The Network Readiness Index (NRI) has also identified some weaknesses with regard to Bangladesh's ICT sector, particularly in the areas of mobile apps, internet domain registration, skilled technologists, quality control, purchases through internet, hi-tech exports, internet uses and facilities, and ease of doing business. Broadband facility is still city or town-centred, as it has not yet reached the nooks and corners of the rural areas. According to estimates of Internet Service Providers' Association of Bangladesh, 80 per cent of the facilities are used in divisional cities. Bangladesh also lags behind India and Pakistan in terms of broadband and mobile internet prices.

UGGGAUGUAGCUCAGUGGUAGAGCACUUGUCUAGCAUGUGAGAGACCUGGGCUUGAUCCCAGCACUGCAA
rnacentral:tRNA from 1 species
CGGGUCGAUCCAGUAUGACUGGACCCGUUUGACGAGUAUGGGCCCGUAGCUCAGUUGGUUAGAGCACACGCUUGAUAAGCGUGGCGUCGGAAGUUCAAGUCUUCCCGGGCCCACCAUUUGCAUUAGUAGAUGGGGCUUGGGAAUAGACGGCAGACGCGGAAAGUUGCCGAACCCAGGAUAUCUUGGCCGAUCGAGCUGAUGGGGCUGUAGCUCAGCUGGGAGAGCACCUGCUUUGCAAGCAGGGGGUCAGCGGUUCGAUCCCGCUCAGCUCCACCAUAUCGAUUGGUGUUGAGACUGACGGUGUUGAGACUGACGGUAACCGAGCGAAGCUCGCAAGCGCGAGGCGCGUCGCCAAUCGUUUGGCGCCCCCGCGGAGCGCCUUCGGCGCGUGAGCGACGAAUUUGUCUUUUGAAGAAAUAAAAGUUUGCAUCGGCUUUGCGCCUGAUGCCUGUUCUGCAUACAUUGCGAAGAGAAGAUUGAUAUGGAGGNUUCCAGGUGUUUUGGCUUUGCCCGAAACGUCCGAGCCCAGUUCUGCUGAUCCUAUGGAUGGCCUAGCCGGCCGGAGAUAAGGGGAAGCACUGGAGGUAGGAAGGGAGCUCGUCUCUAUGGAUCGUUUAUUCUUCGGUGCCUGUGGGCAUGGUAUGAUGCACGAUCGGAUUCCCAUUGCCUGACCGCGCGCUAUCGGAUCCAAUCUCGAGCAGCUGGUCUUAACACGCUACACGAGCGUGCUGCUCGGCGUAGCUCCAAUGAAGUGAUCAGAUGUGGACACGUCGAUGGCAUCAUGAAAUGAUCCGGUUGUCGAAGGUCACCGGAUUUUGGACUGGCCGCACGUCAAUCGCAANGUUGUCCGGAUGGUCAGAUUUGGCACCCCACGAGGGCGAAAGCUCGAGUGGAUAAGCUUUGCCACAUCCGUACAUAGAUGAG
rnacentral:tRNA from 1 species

The world is undergoing a digital revolution, which is not only about technology but also about the centrality of people and planet. E-governance has ushered in significant changes in the way people live and interact with each other, their surroundings and the delivery of services. There are numerous and complex opportunities for deploying e-governance to build resilient societies. Therefore, necessary preconditions, ways and means through which the attainment of sustainable development goals could be advanced have to be identified urgently. Besides, accessibility to mobile and online services has to be enhanced in order to ensure a sustainable transition to a more digitised society.